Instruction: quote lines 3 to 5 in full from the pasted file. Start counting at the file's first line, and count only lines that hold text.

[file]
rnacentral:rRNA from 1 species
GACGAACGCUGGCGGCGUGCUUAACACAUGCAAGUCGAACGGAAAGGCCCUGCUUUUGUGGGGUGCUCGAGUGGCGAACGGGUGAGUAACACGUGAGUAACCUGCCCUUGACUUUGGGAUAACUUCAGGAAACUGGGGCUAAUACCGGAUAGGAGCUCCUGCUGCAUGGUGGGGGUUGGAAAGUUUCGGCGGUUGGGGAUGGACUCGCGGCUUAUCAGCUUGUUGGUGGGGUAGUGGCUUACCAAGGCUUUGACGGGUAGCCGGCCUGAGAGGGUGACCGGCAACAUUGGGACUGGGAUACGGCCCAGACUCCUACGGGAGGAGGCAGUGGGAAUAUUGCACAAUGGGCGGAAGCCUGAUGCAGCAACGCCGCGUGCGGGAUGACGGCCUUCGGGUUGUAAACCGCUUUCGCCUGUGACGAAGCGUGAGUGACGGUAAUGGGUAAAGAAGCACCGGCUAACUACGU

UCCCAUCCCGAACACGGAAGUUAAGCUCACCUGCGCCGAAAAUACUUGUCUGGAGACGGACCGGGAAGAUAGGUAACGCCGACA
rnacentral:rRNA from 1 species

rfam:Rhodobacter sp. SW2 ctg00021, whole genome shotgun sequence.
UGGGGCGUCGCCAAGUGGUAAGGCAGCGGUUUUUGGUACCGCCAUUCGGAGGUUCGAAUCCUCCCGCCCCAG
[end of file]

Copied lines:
UCCCAUCCCGAACACGGAAGUUAAGCUCACCUGCGCCGAAAAUACUUGUCUGGAGACGGACCGGGAAGAUAGGUAACGCCGACA
rnacentral:rRNA from 1 species

rfam:Rhodobacter sp. SW2 ctg00021, whole genome shotgun sequence.